For a man as reflective as Thoreau, it seems funny that he would tell people to stop living in the past, stop wishing for our “old days” back, stop trying to make things they way they used to be.


There are a lot of people who are obsessed with what used to be (or how they imagine it used to be). And I suppose we can tag along with them and dream.

But the thing about wishing for the past is that those wishes never come true.

Ah, a new season. Autumn has to be my favorite (except for all of the pollen.) But then again, I get excited for every new season. It’s weird, I know what’s going to happen in the next season. I’ve seen it all before. But I’m always ready for it to happen again.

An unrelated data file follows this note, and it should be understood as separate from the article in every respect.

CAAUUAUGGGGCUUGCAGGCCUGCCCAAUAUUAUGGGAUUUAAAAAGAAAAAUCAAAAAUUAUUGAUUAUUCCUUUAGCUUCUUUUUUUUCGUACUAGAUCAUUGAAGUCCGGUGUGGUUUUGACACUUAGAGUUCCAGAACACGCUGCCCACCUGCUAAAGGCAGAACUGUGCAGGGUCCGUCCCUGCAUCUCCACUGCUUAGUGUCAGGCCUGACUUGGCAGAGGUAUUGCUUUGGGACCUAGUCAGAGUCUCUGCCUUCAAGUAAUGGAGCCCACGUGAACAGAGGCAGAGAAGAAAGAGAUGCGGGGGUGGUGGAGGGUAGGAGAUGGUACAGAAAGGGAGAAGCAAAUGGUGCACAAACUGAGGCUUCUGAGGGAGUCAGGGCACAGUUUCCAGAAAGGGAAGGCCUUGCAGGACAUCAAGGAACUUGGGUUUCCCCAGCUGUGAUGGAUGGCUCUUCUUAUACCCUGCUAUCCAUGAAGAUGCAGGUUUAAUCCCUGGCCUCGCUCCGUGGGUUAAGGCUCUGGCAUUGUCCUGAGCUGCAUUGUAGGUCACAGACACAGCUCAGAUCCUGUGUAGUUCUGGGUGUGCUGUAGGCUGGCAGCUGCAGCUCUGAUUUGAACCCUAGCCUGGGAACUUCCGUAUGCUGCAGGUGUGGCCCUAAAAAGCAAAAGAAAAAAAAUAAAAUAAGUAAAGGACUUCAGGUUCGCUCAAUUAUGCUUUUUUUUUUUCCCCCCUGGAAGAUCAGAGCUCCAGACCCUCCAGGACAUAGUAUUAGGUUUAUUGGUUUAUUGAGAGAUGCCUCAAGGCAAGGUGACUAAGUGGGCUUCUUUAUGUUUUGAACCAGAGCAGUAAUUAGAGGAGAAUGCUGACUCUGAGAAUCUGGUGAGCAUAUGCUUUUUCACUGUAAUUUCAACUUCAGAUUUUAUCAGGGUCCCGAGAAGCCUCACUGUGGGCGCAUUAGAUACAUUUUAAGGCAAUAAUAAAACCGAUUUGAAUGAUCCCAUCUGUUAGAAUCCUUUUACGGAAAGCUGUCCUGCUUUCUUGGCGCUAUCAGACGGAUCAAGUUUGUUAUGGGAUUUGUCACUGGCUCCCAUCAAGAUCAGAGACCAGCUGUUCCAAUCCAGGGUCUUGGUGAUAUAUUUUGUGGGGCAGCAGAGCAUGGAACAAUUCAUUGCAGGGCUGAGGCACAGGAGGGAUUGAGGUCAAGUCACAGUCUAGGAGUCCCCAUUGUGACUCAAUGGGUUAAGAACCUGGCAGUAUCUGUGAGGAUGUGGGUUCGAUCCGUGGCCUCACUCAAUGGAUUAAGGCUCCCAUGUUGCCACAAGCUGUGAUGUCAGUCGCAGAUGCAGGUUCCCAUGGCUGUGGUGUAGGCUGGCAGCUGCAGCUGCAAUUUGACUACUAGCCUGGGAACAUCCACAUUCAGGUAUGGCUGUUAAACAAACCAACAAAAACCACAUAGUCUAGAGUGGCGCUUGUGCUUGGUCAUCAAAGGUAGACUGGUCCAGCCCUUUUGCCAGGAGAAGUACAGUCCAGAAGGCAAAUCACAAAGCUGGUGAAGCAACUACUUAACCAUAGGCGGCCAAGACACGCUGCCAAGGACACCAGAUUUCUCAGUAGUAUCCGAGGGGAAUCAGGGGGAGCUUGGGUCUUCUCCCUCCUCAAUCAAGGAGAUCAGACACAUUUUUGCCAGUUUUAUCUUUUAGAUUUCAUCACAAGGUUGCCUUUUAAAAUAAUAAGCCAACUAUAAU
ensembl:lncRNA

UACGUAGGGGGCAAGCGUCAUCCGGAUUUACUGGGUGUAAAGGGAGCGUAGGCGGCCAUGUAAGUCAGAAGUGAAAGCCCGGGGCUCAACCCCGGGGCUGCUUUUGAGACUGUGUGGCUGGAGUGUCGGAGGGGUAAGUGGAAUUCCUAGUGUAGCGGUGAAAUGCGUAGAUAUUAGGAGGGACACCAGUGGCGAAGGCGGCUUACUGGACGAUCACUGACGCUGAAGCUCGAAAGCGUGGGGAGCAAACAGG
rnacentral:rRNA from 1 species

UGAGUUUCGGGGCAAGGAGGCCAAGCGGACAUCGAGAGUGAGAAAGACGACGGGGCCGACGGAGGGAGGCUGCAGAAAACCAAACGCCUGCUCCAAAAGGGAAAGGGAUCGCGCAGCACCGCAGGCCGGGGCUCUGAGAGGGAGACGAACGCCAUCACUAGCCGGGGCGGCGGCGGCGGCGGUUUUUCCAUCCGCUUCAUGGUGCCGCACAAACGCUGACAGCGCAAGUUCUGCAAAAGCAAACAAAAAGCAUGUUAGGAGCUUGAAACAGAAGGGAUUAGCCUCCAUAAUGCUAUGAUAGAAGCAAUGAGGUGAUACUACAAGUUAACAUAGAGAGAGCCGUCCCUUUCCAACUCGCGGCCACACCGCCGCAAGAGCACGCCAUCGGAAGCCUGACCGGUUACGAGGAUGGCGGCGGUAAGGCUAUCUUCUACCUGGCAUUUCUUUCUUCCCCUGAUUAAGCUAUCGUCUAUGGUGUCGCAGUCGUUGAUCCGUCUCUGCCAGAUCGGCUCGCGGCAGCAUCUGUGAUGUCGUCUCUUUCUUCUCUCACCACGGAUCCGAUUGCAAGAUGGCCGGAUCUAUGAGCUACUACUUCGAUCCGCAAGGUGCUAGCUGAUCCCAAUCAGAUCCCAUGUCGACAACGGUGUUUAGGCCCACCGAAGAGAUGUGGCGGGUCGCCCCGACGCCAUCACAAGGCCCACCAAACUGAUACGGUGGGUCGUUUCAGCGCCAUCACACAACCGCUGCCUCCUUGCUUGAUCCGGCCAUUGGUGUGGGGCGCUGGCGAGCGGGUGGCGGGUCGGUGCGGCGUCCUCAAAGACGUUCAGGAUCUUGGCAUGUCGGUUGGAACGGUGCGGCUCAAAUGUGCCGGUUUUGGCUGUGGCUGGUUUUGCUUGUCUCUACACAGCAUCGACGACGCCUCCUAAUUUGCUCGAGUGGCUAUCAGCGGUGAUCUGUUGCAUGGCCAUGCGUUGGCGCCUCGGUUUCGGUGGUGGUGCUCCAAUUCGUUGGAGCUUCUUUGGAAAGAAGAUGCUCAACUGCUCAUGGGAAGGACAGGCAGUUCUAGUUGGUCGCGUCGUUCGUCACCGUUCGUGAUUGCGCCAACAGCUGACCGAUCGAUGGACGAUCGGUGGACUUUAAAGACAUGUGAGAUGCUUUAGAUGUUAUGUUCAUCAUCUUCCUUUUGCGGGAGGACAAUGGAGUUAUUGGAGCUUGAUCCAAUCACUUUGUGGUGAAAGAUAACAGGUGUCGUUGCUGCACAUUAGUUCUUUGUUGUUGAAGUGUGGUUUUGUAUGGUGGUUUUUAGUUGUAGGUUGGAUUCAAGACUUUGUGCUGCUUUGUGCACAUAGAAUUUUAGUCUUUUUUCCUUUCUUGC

This week, there were some really good, deep, challenging things that came onto my radar, but I’m going to concentrate on one specific book that landed on my desk last week.

On My Bookshelf

I got a free copy of Peter Enns’ book The Bible Tells Me SoNow, here’s the thing, when it comes to any book on biblical interpretation, I ForTheBibleTellsMeSocan’t just give it a ringing, blind endorsement. That is irresponsible. So what can I say about it?